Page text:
Food photography and carb estimation

Prompted by @RogerType1’s comment about Bitesnap from MDI - sorry for complaining/venting I started looking at “food photography” apps which could estimate carb (and other nutrition) content.

I found Bitesnap, Suggestic and Undermyfork, the latter from Food logging app — testers wanted!. These are all available on iPhone and the first is Android too.

I have now got all of them installed, but of course, while my family are chronic food photographers, going to three apps and taking a picture in each of every meal is something I probably won’t manage to do. So I’m interested in other peoples’ mileage with these apps.

Do any of them work for restaurant meals? You never know how much sugar the chef has added to even the most apparently carb free meals, but counting the croutons in a chef’s salad is probably possible, so that might work.

What about the integration with other apps, particular on iPhone where Apple provide a proprietary framework for nutrition data with Apple Health? UnderMyFork is the only one of the three that asks to access Apple Health, but it is only looking for blood glucose data (apparently), it doesn’t seem to be writing carb information, but maybe that comes later.

It sounds like UnderMyFork is the only one of the apps I found that is targeted at diabetics, as opposed to general monitoring of nutrition intake. UnderMyFork supports the Dexcom G6, which I use and has a really simple setup; just a BG range, whereas the other apps want to know about health goals and stuff like that.

Suggestic seems more oriented to telling me what to eat that telling me what I’m eating. It also requires an account to be set up, which suggests they want to sell my data. UnderMyFork says it keeps the data only on the phone, BiteSnap is less clear but it isn’t asking for any permissions up front; presumably both with ask to access the camera when I first take a picture.

My out-of-the-box take is that Suggestic has an overcomplicated UI and it doesn’t seem to be the same as the other apps; it takes pictures of written menus not actual food. I suspect it will be the first one I de-install.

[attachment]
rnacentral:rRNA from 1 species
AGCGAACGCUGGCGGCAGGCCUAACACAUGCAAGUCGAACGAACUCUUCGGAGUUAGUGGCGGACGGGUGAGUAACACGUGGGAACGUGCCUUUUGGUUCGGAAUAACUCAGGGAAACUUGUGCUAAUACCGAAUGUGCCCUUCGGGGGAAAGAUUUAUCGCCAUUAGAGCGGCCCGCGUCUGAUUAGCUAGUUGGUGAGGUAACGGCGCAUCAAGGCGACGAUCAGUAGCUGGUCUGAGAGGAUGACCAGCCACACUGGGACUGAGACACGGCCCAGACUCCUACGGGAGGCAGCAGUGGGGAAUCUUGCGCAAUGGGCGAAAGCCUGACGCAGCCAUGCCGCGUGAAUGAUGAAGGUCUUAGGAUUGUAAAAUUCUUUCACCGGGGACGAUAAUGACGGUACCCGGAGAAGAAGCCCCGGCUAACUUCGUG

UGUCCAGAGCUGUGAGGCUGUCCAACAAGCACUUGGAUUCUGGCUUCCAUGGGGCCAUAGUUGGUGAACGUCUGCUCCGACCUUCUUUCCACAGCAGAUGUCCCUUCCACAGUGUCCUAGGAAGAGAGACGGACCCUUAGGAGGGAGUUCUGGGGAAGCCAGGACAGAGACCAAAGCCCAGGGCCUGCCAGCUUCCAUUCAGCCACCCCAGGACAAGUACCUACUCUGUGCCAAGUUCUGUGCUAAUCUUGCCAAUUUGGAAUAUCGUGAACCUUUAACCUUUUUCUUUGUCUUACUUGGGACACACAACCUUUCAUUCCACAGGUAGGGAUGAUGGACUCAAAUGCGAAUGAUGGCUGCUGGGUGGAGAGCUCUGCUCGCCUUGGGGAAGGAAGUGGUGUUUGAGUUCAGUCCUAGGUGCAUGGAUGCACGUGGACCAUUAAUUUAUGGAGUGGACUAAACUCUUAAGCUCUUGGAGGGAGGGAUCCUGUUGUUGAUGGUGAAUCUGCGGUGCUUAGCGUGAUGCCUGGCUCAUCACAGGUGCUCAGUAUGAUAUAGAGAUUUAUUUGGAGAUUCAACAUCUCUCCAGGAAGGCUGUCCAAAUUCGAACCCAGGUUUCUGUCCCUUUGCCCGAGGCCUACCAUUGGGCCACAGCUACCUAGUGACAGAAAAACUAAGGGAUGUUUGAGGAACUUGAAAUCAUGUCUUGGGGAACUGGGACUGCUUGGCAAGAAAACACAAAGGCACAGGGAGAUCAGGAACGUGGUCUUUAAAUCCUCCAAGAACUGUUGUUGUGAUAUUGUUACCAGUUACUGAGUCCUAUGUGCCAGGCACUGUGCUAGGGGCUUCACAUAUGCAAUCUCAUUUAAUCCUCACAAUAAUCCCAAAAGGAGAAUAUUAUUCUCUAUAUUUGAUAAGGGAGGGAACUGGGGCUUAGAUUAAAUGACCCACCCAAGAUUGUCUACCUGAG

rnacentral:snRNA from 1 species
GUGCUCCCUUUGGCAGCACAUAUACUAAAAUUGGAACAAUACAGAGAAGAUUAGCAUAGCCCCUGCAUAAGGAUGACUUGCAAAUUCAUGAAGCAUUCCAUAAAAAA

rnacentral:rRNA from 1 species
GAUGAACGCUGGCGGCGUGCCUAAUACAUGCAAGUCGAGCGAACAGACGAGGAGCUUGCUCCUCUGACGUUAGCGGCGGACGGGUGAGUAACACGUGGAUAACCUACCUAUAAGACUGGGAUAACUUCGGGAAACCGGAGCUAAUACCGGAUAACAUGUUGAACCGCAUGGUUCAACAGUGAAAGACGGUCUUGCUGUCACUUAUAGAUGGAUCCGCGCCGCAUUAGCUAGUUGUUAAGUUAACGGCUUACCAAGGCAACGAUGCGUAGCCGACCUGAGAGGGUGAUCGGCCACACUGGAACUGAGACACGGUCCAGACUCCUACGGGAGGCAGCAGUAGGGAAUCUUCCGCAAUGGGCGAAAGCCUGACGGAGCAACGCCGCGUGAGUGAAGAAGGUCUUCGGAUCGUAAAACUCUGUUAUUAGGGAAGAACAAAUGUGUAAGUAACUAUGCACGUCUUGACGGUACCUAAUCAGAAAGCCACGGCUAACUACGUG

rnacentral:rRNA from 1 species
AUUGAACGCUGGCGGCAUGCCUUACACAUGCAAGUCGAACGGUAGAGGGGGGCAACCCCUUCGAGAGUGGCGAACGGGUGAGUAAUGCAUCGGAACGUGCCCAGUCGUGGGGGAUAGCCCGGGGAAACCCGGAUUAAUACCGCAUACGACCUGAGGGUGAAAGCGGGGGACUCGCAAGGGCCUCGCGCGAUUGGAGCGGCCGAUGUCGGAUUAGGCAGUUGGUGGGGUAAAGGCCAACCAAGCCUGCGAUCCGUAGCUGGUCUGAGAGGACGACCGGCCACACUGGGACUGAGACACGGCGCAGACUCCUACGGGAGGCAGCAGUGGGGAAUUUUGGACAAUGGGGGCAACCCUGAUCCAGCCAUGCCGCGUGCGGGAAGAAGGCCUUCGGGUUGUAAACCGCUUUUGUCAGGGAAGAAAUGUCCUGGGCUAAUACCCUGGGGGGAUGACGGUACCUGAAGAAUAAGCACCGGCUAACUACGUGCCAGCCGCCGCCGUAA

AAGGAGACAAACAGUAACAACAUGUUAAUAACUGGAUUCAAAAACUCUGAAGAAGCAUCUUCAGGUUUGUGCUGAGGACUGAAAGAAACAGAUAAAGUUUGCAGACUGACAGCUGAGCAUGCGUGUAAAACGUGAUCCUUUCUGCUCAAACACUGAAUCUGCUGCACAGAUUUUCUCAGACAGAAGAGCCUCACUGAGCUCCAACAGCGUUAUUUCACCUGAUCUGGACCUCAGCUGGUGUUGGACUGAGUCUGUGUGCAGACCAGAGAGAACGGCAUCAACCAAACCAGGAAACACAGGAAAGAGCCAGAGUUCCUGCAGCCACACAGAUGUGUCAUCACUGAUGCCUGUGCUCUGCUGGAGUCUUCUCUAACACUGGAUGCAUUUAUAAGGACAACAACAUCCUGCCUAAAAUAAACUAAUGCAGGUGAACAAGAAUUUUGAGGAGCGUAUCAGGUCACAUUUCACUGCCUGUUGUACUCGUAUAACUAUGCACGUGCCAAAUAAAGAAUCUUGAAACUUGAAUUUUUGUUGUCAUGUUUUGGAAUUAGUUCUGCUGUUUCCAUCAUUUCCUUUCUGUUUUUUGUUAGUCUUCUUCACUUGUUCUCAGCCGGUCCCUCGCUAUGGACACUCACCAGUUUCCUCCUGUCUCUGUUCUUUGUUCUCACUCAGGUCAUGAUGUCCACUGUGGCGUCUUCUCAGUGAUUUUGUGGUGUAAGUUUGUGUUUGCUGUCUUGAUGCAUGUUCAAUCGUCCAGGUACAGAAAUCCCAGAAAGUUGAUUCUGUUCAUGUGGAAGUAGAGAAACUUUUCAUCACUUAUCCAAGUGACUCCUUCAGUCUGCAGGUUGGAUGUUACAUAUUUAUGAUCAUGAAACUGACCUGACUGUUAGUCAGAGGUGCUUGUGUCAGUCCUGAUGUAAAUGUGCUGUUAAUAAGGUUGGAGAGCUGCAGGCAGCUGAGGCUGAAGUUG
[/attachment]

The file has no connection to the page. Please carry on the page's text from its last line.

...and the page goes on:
I just use xdrip for insulin on board, predicted glucose after meals and insulin, etc, but when I’m not sure, I’ll use bitesnap and usually estimate the portions correctly… sometimes I’ll have to take another correction, or “feed the insulin” if I’ve taken too much. I tried daily plate a long time ago, but bitesnap is my go to for quick estimated carbs…I once saw a type 1 diabetic child’s mother screaming at Sams club cafe workers because they couldn’t tell her how many carbs were in her child’s icey and pizza…I was estimating 80 for the icey, and 80 for the 2 slices of pizza, but decided not to intervene, or show her how bitesnap worked…I’d rather use an educated guess than add a scale to the plethora of items in my cargo pants pockets


Hi, I’m with the Undermyfork team — thanks for trying our app! Our team would love to hear more feedback from you, we do hope you will stick to using it :slight_smile: Did you use the Insights in the app yet? Is it working for you?

I must say, Undermyfork specifically doesn’t aim at estimating carbs by photo (the state of image recognition tech is not there yet). And it doesn’t use carb counting approach to guide you.

The app was designed as a simple personal handbook of your meals in different context, so you can browse it and see which meals (+ insulin + any other details tagged on the meal) work best for you in terms of time in range. We believe such way is less burdensome for daily management, as long as you can do basic carb estimation for the right insulin dosing, which I guess is the first thing most people learn when they are first diagnosed.

Plus, not all carbs are equal, and fats break into carbs as well, raising blood sugar at a different pace — so a personal postprandial time-in-range for each meal might be a more accurate metric to refer to in terms of ‘what to it - how to dose for it’ guidance.


UPDATED: I got the SugarMate and UnderMyfork handling of Dexcom G6 mixed up (see italic sections below):